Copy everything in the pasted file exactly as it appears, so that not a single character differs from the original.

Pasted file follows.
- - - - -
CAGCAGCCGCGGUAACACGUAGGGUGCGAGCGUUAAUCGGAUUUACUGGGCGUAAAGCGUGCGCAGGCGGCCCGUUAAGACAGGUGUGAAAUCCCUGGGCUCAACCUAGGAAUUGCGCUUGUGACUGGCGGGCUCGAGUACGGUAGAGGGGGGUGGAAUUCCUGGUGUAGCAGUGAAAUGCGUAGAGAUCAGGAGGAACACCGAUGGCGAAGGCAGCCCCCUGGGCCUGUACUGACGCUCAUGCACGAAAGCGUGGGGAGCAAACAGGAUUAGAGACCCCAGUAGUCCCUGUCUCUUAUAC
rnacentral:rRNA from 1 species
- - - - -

CAGCAGCCGCGGUAACACGUAGGGUGCGAGCGUUAAUCGGAUUUACUGGGCGUAAAGCGUGCGCAGGCGGCCCGUUAAGACAGGUGUGAAAUCCCUGGGCUCAACCUAGGAAUUGCGCUUGUGACUGGCGGGCUCGAGUACGGUAGAGGGGGGUGGAAUUCCUGGUGUAGCAGUGAAAUGCGUAGAGAUCAGGAGGAACACCGAUGGCGAAGGCAGCCCCCUGGGCCUGUACUGACGCUCAUGCACGAAAGCGUGGGGAGCAAACAGGAUUAGAGACCCCAGUAGUCCCUGUCUCUUAUAC
rnacentral:rRNA from 1 species